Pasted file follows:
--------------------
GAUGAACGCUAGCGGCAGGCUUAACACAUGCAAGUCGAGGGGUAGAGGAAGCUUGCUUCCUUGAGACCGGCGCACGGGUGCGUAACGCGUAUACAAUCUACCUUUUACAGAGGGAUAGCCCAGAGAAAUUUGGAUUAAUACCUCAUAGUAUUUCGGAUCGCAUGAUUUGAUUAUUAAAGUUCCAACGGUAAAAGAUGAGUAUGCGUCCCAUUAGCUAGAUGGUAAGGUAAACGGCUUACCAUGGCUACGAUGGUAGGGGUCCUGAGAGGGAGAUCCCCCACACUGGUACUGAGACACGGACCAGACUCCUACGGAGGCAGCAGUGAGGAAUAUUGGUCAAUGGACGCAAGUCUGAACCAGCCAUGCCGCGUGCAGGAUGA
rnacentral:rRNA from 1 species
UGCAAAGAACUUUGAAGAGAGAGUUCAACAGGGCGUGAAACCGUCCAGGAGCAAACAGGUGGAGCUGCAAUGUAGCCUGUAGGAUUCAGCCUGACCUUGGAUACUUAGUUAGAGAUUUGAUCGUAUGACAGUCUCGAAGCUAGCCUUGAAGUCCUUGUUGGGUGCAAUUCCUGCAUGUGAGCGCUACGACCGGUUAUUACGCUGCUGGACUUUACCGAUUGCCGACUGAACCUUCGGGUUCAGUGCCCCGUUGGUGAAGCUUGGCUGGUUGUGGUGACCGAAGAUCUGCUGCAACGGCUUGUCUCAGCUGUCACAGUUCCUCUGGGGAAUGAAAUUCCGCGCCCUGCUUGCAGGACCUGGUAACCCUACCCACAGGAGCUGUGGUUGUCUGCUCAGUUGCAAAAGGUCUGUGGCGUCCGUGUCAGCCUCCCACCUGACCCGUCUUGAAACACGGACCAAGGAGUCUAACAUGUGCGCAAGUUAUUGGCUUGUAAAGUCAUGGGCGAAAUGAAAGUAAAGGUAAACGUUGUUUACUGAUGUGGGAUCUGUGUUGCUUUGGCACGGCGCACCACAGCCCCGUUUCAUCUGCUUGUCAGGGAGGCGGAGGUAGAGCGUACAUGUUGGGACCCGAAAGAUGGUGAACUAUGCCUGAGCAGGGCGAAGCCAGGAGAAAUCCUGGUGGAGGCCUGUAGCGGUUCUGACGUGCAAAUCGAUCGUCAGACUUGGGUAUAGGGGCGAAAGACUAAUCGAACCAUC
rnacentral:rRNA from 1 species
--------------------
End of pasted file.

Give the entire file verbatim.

GAUGAACGCUAGCGGCAGGCUUAACACAUGCAAGUCGAGGGGUAGAGGAAGCUUGCUUCCUUGAGACCGGCGCACGGGUGCGUAACGCGUAUACAAUCUACCUUUUACAGAGGGAUAGCCCAGAGAAAUUUGGAUUAAUACCUCAUAGUAUUUCGGAUCGCAUGAUUUGAUUAUUAAAGUUCCAACGGUAAAAGAUGAGUAUGCGUCCCAUUAGCUAGAUGGUAAGGUAAACGGCUUACCAUGGCUACGAUGGUAGGGGUCCUGAGAGGGAGAUCCCCCACACUGGUACUGAGACACGGACCAGACUCCUACGGAGGCAGCAGUGAGGAAUAUUGGUCAAUGGACGCAAGUCUGAACCAGCCAUGCCGCGUGCAGGAUGA
rnacentral:rRNA from 1 species
UGCAAAGAACUUUGAAGAGAGAGUUCAACAGGGCGUGAAACCGUCCAGGAGCAAACAGGUGGAGCUGCAAUGUAGCCUGUAGGAUUCAGCCUGACCUUGGAUACUUAGUUAGAGAUUUGAUCGUAUGACAGUCUCGAAGCUAGCCUUGAAGUCCUUGUUGGGUGCAAUUCCUGCAUGUGAGCGCUACGACCGGUUAUUACGCUGCUGGACUUUACCGAUUGCCGACUGAACCUUCGGGUUCAGUGCCCCGUUGGUGAAGCUUGGCUGGUUGUGGUGACCGAAGAUCUGCUGCAACGGCUUGUCUCAGCUGUCACAGUUCCUCUGGGGAAUGAAAUUCCGCGCCCUGCUUGCAGGACCUGGUAACCCUACCCACAGGAGCUGUGGUUGUCUGCUCAGUUGCAAAAGGUCUGUGGCGUCCGUGUCAGCCUCCCACCUGACCCGUCUUGAAACACGGACCAAGGAGUCUAACAUGUGCGCAAGUUAUUGGCUUGUAAAGUCAUGGGCGAAAUGAAAGUAAAGGUAAACGUUGUUUACUGAUGUGGGAUCUGUGUUGCUUUGGCACGGCGCACCACAGCCCCGUUUCAUCUGCUUGUCAGGGAGGCGGAGGUAGAGCGUACAUGUUGGGACCCGAAAGAUGGUGAACUAUGCCUGAGCAGGGCGAAGCCAGGAGAAAUCCUGGUGGAGGCCUGUAGCGGUUCUGACGUGCAAAUCGAUCGUCAGACUUGGGUAUAGGGGCGAAAGACUAAUCGAACCAUC
rnacentral:rRNA from 1 species